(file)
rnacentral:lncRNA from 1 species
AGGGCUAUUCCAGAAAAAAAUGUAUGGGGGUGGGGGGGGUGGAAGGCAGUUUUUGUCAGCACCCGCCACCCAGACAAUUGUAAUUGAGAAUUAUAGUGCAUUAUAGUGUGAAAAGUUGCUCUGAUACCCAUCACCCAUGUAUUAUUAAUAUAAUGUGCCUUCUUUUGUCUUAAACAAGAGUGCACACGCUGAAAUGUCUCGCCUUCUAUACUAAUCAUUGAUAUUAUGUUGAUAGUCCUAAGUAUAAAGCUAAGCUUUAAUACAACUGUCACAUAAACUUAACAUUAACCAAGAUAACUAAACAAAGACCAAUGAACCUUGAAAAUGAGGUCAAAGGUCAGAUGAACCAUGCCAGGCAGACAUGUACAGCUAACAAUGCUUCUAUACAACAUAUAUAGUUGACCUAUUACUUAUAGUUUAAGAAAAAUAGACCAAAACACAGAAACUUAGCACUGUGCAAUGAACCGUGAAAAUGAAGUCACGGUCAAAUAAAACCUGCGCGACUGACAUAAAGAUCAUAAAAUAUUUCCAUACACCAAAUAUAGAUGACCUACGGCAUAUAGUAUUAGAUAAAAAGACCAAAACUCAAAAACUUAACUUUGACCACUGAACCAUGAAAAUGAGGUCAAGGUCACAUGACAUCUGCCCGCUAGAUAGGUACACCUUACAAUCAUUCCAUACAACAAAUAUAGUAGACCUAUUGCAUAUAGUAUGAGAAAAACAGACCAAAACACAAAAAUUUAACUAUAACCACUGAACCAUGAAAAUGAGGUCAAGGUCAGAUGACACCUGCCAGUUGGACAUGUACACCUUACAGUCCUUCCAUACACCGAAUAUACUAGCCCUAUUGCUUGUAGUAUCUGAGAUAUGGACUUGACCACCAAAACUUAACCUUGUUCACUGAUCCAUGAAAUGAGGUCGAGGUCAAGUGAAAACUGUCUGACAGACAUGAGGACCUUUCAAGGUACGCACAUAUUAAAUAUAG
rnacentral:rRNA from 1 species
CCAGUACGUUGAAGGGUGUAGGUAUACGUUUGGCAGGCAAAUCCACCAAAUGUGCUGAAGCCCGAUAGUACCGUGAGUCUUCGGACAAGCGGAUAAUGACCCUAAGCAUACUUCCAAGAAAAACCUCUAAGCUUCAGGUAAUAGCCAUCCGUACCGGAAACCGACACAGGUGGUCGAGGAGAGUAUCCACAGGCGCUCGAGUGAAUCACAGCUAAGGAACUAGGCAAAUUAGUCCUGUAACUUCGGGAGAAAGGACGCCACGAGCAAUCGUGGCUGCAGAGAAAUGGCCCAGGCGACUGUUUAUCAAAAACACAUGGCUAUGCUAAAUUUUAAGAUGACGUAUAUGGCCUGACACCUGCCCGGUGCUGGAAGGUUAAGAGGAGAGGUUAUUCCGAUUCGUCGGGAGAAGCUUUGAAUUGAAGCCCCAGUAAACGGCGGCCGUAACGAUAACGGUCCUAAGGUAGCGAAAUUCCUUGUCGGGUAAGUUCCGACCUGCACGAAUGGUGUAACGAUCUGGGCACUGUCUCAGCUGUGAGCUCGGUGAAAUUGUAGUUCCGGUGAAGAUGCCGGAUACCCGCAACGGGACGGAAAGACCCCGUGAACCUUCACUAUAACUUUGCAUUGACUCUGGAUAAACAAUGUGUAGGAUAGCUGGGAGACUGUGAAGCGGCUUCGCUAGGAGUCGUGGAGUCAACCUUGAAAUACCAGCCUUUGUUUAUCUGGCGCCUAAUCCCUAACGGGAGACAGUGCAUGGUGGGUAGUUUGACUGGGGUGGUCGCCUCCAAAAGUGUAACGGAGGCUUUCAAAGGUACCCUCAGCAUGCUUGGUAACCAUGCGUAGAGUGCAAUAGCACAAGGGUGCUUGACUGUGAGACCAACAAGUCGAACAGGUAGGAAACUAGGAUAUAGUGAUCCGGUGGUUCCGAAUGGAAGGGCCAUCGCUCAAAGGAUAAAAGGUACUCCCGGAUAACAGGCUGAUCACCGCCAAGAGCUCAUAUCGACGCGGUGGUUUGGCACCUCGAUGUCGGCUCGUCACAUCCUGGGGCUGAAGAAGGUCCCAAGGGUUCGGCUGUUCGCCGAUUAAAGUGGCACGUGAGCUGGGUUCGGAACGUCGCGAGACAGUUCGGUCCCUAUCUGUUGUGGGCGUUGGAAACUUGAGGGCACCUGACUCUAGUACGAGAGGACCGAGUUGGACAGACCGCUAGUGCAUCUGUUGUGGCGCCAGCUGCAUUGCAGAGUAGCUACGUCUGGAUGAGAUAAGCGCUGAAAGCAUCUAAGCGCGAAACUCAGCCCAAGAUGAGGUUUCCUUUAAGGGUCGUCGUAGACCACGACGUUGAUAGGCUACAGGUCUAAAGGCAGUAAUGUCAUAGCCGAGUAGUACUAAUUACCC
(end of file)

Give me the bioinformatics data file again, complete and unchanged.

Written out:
rnacentral:lncRNA from 1 species
AGGGCUAUUCCAGAAAAAAAUGUAUGGGGGUGGGGGGGGUGGAAGGCAGUUUUUGUCAGCACCCGCCACCCAGACAAUUGUAAUUGAGAAUUAUAGUGCAUUAUAGUGUGAAAAGUUGCUCUGAUACCCAUCACCCAUGUAUUAUUAAUAUAAUGUGCCUUCUUUUGUCUUAAACAAGAGUGCACACGCUGAAAUGUCUCGCCUUCUAUACUAAUCAUUGAUAUUAUGUUGAUAGUCCUAAGUAUAAAGCUAAGCUUUAAUACAACUGUCACAUAAACUUAACAUUAACCAAGAUAACUAAACAAAGACCAAUGAACCUUGAAAAUGAGGUCAAAGGUCAGAUGAACCAUGCCAGGCAGACAUGUACAGCUAACAAUGCUUCUAUACAACAUAUAUAGUUGACCUAUUACUUAUAGUUUAAGAAAAAUAGACCAAAACACAGAAACUUAGCACUGUGCAAUGAACCGUGAAAAUGAAGUCACGGUCAAAUAAAACCUGCGCGACUGACAUAAAGAUCAUAAAAUAUUUCCAUACACCAAAUAUAGAUGACCUACGGCAUAUAGUAUUAGAUAAAAAGACCAAAACUCAAAAACUUAACUUUGACCACUGAACCAUGAAAAUGAGGUCAAGGUCACAUGACAUCUGCCCGCUAGAUAGGUACACCUUACAAUCAUUCCAUACAACAAAUAUAGUAGACCUAUUGCAUAUAGUAUGAGAAAAACAGACCAAAACACAAAAAUUUAACUAUAACCACUGAACCAUGAAAAUGAGGUCAAGGUCAGAUGACACCUGCCAGUUGGACAUGUACACCUUACAGUCCUUCCAUACACCGAAUAUACUAGCCCUAUUGCUUGUAGUAUCUGAGAUAUGGACUUGACCACCAAAACUUAACCUUGUUCACUGAUCCAUGAAAUGAGGUCGAGGUCAAGUGAAAACUGUCUGACAGACAUGAGGACCUUUCAAGGUACGCACAUAUUAAAUAUAG
rnacentral:rRNA from 1 species
CCAGUACGUUGAAGGGUGUAGGUAUACGUUUGGCAGGCAAAUCCACCAAAUGUGCUGAAGCCCGAUAGUACCGUGAGUCUUCGGACAAGCGGAUAAUGACCCUAAGCAUACUUCCAAGAAAAACCUCUAAGCUUCAGGUAAUAGCCAUCCGUACCGGAAACCGACACAGGUGGUCGAGGAGAGUAUCCACAGGCGCUCGAGUGAAUCACAGCUAAGGAACUAGGCAAAUUAGUCCUGUAACUUCGGGAGAAAGGACGCCACGAGCAAUCGUGGCUGCAGAGAAAUGGCCCAGGCGACUGUUUAUCAAAAACACAUGGCUAUGCUAAAUUUUAAGAUGACGUAUAUGGCCUGACACCUGCCCGGUGCUGGAAGGUUAAGAGGAGAGGUUAUUCCGAUUCGUCGGGAGAAGCUUUGAAUUGAAGCCCCAGUAAACGGCGGCCGUAACGAUAACGGUCCUAAGGUAGCGAAAUUCCUUGUCGGGUAAGUUCCGACCUGCACGAAUGGUGUAACGAUCUGGGCACUGUCUCAGCUGUGAGCUCGGUGAAAUUGUAGUUCCGGUGAAGAUGCCGGAUACCCGCAACGGGACGGAAAGACCCCGUGAACCUUCACUAUAACUUUGCAUUGACUCUGGAUAAACAAUGUGUAGGAUAGCUGGGAGACUGUGAAGCGGCUUCGCUAGGAGUCGUGGAGUCAACCUUGAAAUACCAGCCUUUGUUUAUCUGGCGCCUAAUCCCUAACGGGAGACAGUGCAUGGUGGGUAGUUUGACUGGGGUGGUCGCCUCCAAAAGUGUAACGGAGGCUUUCAAAGGUACCCUCAGCAUGCUUGGUAACCAUGCGUAGAGUGCAAUAGCACAAGGGUGCUUGACUGUGAGACCAACAAGUCGAACAGGUAGGAAACUAGGAUAUAGUGAUCCGGUGGUUCCGAAUGGAAGGGCCAUCGCUCAAAGGAUAAAAGGUACUCCCGGAUAACAGGCUGAUCACCGCCAAGAGCUCAUAUCGACGCGGUGGUUUGGCACCUCGAUGUCGGCUCGUCACAUCCUGGGGCUGAAGAAGGUCCCAAGGGUUCGGCUGUUCGCCGAUUAAAGUGGCACGUGAGCUGGGUUCGGAACGUCGCGAGACAGUUCGGUCCCUAUCUGUUGUGGGCGUUGGAAACUUGAGGGCACCUGACUCUAGUACGAGAGGACCGAGUUGGACAGACCGCUAGUGCAUCUGUUGUGGCGCCAGCUGCAUUGCAGAGUAGCUACGUCUGGAUGAGAUAAGCGCUGAAAGCAUCUAAGCGCGAAACUCAGCCCAAGAUGAGGUUUCCUUUAAGGGUCGUCGUAGACCACGACGUUGAUAGGCUACAGGUCUAAAGGCAGUAAUGUCAUAGCCGAGUAGUACUAAUUACCC